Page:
Hey, watch where you're flicking. That's a computer
April 8, 2015 by Nancy Owano
Michigan Micro Mote (M3) is the world's smallest computer. How small? It's about the size of a grain of rice. A University of Michigan's March report can tell you that the team behind the computer have come up with a fully autonomous system that can act as a smart sensing system. "To be 'complete,' a computer system must have an input of data, the ability to process that data - meaning process and store it, make decisions about what to do next – and ultimately, the ability to output the data," said David Blaauw, one of the faculty members who achieved the Michigan Micro Mote.
Kaustubh Katdare in Crazy Engineers said on Wednesday, "It requires no special imagination to understand that as more things get connected with each other, the size of computers operating behind the scenes must be smaller." He said "the Michigan Mote opens up new avenues towards the world of Internet of Things (IoT)."
Sensors are the input; radios are the output. Solar cells power the battery with ambient light, said the university report detailing the work and features of this computer. Therein lies a key word in this story, "battery," or what the engineering world refers to as the size/power matchup. "As you shrink down in size," said Blaauw, the percentage of the system tends to be dominated by the battery. It's actually not hard to make chips small, but it is hard to make them low power. We could have very small chips, but we'd still end up with really large batteries."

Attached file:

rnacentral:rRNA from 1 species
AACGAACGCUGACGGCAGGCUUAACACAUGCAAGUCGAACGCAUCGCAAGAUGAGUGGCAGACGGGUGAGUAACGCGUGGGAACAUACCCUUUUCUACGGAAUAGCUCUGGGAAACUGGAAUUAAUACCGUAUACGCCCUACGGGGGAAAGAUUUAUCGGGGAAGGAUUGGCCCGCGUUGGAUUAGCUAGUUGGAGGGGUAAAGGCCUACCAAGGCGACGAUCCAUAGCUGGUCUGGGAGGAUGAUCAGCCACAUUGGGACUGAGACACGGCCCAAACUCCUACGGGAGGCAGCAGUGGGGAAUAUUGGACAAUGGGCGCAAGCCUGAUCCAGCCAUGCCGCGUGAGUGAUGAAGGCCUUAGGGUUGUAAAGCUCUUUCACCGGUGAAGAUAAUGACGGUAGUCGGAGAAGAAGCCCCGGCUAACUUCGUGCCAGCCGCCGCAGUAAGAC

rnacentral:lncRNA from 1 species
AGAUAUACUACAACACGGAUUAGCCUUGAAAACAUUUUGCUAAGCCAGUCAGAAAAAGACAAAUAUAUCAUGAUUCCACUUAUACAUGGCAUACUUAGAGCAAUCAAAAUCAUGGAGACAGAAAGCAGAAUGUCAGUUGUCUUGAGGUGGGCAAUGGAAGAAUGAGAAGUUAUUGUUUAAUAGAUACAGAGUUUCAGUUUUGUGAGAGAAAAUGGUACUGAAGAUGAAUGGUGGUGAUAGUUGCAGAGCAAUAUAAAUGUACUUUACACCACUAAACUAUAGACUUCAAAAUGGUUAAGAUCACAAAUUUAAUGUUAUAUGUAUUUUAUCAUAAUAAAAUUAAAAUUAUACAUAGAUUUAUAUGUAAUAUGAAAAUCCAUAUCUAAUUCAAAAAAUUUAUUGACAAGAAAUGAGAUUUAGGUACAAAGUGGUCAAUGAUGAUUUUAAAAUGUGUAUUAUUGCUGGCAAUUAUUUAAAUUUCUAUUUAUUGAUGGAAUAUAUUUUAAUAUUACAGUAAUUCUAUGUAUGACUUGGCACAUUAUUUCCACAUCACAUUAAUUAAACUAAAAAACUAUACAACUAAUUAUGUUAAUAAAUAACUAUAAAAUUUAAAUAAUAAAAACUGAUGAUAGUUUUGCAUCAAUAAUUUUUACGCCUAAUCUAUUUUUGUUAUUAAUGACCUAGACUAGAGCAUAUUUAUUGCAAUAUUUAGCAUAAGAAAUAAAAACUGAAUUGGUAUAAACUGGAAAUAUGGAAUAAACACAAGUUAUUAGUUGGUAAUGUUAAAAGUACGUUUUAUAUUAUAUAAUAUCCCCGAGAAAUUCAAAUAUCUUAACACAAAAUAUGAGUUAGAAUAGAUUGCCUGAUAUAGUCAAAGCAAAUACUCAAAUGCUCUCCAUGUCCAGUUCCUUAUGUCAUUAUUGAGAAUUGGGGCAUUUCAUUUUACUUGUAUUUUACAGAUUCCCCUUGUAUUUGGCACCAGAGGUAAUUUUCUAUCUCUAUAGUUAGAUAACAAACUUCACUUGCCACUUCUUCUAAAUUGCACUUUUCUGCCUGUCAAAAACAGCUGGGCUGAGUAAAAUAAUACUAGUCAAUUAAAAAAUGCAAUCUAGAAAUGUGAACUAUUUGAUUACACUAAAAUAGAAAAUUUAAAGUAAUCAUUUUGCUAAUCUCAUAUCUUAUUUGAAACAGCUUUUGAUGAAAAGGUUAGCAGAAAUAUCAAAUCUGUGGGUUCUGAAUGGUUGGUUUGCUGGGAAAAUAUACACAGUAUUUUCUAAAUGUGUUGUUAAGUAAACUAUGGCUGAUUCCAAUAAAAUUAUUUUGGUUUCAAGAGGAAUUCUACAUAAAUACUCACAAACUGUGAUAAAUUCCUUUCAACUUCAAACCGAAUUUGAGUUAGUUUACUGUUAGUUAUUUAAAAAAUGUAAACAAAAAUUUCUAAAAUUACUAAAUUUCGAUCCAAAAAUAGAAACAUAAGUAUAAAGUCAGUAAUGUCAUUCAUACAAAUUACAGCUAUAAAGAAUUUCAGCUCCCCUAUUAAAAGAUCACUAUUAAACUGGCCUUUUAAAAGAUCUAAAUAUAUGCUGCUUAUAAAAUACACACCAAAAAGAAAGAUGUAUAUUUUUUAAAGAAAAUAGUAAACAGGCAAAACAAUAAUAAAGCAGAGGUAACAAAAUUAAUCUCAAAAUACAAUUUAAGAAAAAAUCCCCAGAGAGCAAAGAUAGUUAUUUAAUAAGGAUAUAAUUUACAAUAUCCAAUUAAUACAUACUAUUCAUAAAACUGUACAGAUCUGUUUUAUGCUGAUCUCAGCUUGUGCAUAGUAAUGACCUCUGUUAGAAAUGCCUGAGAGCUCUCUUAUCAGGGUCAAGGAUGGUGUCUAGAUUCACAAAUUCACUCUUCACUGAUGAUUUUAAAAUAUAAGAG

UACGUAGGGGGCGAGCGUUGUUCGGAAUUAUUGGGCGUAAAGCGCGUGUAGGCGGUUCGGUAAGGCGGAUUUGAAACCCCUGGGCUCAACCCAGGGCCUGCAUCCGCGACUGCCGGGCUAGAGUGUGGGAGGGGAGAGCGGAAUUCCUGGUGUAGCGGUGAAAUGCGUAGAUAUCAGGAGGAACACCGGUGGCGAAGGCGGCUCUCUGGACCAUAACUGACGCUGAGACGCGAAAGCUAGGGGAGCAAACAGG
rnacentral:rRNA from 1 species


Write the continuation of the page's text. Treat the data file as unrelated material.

They use a 1mm2 solar cell producing 20nW. The device can harvest enough energy under ambient light to run perpetually. Standby power consumption is 2nA, "a million times less power than the average mobile phone consumes while on standby."
Operating at low power during the "sleep" time is one of the many keys to the success of this technology, said the report.
The computer is built in stacked layers. They communicate through a universal interface protocol, MBus. Just by exchanging one layer with another, a new sensing system is achieved. The computers can collect and transmit data as far as 2 meters; they can monitor a room for motion or anomalies in pressure and temperature, and communicate that data to a base station. Blaauw said the work ahead is getting the sensors to talk to one another and extend range to about 20m. David Wentzloff, another faculty member behind the computer, is leading the effort to increase its ability to communicate over longer distances, said the report.
Of what practical use is this computer? A helpful way to get answers is to ask, who would need mini-computer sensing devices? The Michigan group is sending the computer to interested researchers. Home automation and industrial, medical and environmental monitoring are some of the potential application areas that would come to mind and, in the bigger picture, advance the Internet of Things.
Those behind the achievement, said the report, are Michigan faculty members David Blaauw, Dennis Sylvester, David Wentzloff, Prabal Dutta and several key graduate students over the years. Some have already founded companies to exploit aspects of the technology.
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